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Interviews, Recommendations, and More

8 Unconventional Detectives in Canadian Crime Fiction

A recommended reading list by the author of the new book Who By Fire

Book Cover Who By Fire

We've got Greg Rhyno's Who By Fire up for giveaway until the end of April

If you head over to our giveaways page, you'll find your chance to win—and be sure to check out everything else we've got on offer


Book Cover Dreadfulwater

Thumps DreadfulWater in DreadfulWater, by Thomas King

Thomas King is a renowned academic, celebrated raconteur, Member of the Order of Canada, and yet, he still finds time to crank out the occasional whodunnit. His series gumshoe, Thumps DreadfulWater, is a world-weary and whip-smart ex-cop who’s traded policing for photography, and who’s reluctantly drawn back into the world of criminal investigation. DreadfulWater is the last guy who wants to solve a murder case, but inevitably, the first guy to do it. Also, his cat Freeway is pretty adorable. 


Book Cover Bellevue Square

Jean Mason in Bellevue Square, by Michael Redhill

Michael Redhill’s Bellevue Square comes wrapped in accolades. It’s a national bestseller and winner of the coveted ScotiaBank Giller Prize. But what charmed me was not the poetic language or gritty descriptions of urban Canadiana; it was the Paul Auster meets Stephen King weirdness of the novel. Jean Mason, Bellevue Square’s protagonist, is not searching for a missing person or a murder weapon; she’s looking for herself — her doppelganger — who, according to a number of acquaintances, has been spotted in the wild of Toronto’s Kensington Market. But can the reader trust these unusual sightings? And what’s more, can the reader trust Jean Mason?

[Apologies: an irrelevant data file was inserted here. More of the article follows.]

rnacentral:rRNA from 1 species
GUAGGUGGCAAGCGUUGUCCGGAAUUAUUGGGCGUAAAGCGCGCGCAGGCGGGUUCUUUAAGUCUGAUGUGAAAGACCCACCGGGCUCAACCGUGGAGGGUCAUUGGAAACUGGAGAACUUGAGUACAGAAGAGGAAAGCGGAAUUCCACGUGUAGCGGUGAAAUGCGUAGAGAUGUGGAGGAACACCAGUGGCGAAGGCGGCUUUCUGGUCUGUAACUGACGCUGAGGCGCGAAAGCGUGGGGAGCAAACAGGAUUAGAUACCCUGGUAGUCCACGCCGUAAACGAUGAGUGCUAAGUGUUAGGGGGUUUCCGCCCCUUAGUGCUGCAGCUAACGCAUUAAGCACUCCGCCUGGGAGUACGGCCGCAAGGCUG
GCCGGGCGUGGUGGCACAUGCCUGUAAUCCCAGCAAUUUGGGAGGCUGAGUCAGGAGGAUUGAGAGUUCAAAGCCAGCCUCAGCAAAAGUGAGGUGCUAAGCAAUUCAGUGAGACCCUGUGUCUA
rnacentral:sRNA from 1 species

Book Cover Still Mine

Clare O’Callaghan in Still Mine, by Amy Stuart

Being on the run from an abusive husband might seem like an odd time to get into the detective game, but that’s exactly what the enigmatic Clare O’Callaghan (or, according to her driver’s license, Clare O’Dey) does. After making an unusual bargain with the private investigator sent to track her down, Clare journeys to a bleak mining town to find another missing woman who strangely shares a number of Clare’s worst qualities. Amy Stuart’s amateur sleuth travels light, but she brings with her a baggage allowance worth of secrets.   


Book Cover Cobra Clutch

“Hammerhead” Jed Ounstead in Cobra Clutch, by A.J. Devlin 

“Hammerhead” Jed Ounstead is A.J. Devlin’s take on the hard-boiled detective tough guy. Ounstead is a bouncer, a retired wrestler, and—against his better instincts—an amateur investigator. He has none of the subtlety of a traditional sleuth—he’s not a smooth talker, and he’s more likely to bust down a door than pick a lock—but the series is all the more fun for it. Ounstead's muscle makes him a salty opponent, but his compassion for his family, friends, and even a kidnapped snake make him as sweet as his beverage of choice: the Dairy Queen banana milkshake. 


Book Cover Finding Edward

Cyril Rowntree in Finding Edward, by Sheila Edward

Sheila Murray’s weighty and beautiful Finding Edward is not a detective novel by any of the traditional metrics. It’s the story of Cyril Rowntree, a Jamaican international student in contemporary Toronto, grieving the loss of his mother, his adoptive grandfather, and his home. When he is shown a 1922 photograph of a young, biracial child, he becomes fascinated and begins researching the child’s fate. Whereas Michael Redhill’s Jean Mason searches Toronto for her own double in Bellevue Square, Rowntree instead searches the city for a kindred spirit, and in doing so, uncovers an often-overlooked history of Black experience in Canada.